Sunday, December 6, 2015

Keeping Active: Winter Gardening

I love being outside, moving, being productive, making projects for myself and especially when any of this involves gardening. In Britain they call their entire yard their garden. They don't have yards, so when I say I am gardening, you may consider it yard work.

Final Final Harvests
Of course, we are finally experiencing nightly frosts, but there were several threatening days in October and November where I would dig up, cover or harvest whatever remained. I had several "final" tomato harvests. The real one came the third week of November, when we finally got down to 25 F on Friday night/Sat morn.
We are still eating tomatoes that have ripened since the killer frost.

 The above tomatoes were all harvested green and
allowed to ripen in the beer flat in the kitchen (where I could see them daily). 
As they ripen, we eat them. They aren't as good as vine-ripe, but always beat the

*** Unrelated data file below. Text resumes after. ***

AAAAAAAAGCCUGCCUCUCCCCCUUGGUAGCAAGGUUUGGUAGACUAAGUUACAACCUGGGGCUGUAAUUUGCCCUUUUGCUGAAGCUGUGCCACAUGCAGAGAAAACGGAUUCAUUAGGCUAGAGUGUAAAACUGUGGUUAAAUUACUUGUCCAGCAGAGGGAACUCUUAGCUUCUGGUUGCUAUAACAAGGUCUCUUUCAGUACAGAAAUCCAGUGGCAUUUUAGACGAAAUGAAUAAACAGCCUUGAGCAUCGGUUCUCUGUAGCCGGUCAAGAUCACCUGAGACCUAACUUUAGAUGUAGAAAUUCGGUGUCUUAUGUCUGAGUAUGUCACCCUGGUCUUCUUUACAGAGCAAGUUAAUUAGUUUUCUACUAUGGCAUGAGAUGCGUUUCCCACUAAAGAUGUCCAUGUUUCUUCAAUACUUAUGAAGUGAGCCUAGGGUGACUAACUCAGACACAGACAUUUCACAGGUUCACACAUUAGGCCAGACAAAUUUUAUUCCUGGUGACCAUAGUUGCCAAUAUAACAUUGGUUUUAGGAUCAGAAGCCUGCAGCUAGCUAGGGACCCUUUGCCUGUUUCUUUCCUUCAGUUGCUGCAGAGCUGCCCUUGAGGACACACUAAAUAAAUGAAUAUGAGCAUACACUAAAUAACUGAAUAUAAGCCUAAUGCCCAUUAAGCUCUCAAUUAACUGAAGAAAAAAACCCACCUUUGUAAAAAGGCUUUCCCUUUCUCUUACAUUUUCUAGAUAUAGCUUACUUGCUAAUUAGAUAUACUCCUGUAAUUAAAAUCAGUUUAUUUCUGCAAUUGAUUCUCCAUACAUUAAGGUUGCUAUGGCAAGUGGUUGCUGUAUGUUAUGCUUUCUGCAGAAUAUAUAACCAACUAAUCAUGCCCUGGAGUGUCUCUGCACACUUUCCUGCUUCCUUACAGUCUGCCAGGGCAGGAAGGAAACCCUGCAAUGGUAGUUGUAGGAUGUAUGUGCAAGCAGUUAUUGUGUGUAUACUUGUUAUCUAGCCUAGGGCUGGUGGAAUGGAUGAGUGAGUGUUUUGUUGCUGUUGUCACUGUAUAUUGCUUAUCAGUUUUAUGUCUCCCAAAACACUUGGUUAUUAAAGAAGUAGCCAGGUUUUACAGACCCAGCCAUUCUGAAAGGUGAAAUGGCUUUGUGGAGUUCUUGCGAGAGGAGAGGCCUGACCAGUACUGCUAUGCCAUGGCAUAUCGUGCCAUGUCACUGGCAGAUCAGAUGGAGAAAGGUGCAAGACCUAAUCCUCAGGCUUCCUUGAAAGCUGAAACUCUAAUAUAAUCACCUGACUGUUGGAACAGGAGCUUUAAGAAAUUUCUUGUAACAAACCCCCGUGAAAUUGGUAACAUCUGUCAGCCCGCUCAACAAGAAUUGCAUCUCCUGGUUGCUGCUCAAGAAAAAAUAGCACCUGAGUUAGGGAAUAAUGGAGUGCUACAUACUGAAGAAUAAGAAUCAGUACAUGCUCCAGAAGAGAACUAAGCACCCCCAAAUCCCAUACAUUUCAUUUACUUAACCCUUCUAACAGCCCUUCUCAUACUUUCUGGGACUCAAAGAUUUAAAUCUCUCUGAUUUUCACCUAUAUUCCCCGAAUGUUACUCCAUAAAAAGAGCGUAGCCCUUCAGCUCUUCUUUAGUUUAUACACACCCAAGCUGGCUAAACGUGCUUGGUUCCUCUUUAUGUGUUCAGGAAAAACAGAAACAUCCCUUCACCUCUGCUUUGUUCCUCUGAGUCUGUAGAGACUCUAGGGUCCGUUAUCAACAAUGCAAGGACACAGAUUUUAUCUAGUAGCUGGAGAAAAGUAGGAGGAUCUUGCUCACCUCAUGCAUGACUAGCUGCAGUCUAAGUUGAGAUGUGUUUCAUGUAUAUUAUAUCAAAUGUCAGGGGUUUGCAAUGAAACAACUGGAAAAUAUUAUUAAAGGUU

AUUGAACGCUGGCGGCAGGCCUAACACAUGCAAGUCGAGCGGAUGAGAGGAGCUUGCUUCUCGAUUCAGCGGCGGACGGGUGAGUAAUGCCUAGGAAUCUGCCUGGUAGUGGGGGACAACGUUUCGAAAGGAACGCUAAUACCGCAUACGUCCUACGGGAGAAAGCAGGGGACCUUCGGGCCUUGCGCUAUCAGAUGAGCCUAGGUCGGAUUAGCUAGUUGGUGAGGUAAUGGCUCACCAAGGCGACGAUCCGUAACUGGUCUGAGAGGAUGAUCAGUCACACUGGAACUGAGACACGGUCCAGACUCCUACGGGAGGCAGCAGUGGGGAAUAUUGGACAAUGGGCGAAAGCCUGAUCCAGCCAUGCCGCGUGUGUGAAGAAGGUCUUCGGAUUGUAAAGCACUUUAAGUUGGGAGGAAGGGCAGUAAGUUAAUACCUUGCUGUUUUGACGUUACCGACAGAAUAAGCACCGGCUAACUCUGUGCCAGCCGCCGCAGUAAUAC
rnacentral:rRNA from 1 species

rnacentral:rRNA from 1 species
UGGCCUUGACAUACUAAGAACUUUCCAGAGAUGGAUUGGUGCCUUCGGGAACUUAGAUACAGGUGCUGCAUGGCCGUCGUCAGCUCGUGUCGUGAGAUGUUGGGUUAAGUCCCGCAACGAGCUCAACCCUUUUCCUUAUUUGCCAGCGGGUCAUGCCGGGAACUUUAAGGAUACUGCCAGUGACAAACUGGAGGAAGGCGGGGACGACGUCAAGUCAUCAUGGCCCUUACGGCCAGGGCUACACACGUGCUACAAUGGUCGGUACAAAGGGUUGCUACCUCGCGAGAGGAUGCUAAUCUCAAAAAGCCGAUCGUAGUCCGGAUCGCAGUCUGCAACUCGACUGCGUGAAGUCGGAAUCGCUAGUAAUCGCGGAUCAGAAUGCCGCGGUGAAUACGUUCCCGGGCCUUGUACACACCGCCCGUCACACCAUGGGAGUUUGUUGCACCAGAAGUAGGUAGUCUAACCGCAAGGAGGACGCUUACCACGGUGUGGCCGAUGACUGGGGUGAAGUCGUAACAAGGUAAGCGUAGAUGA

flavor of store toms. 

In the geodome house, I decided to harvest all of the eggplant and cut the plants back. I'm curious
to see if they will make it through the winter. I've never had the soil freeze in there, but I have had frosts.
I know greenhouse culture depends more on the difference between high and low temperature, rather than just one or the other. There is a moderating effect. So far, the plants are still healthy looking. 
Final eggplant harvest from dome.

Final pumpkin, pepper and tomato harvest.
I love this pumpkin. It is super productive, even in part shade and
nothing stops it. I've been saving seeds for 3 years. It was
originally from a Autumn Harvest Mix from Pinetree Garden Seeds
so I have no idea what it could be. If anyone has thoughts, please let me know. 

I don't normally pick bouquets, but when I know the flowers are going
to die, I allow it. 
Red Salvia below
 This Salvia was purchased by mistake or
mislabeled in the catalog. I thought I was buying
a different one. Normally, I do not care for this kind of
annual salvia, BUT I didn't know they grew as anything other 
than dwarf. Apparently, the old fashioned ones grew into large (3+feet) shrubs.
This ended up a beautiful, healthy and productive plant, so...I saved seeds and changed my mind.
Seed from Pinetree (with wrong photograph in catalog)

Chickens: The 3 young girls (Mavis, Petunia and Ruby) plus Rosa are laying like crazy! I'm consistently getting 2 eggs per day, even with the shorter days. We are getting some "double yokers" too. See the one on the left? 
Left- double. Right- single.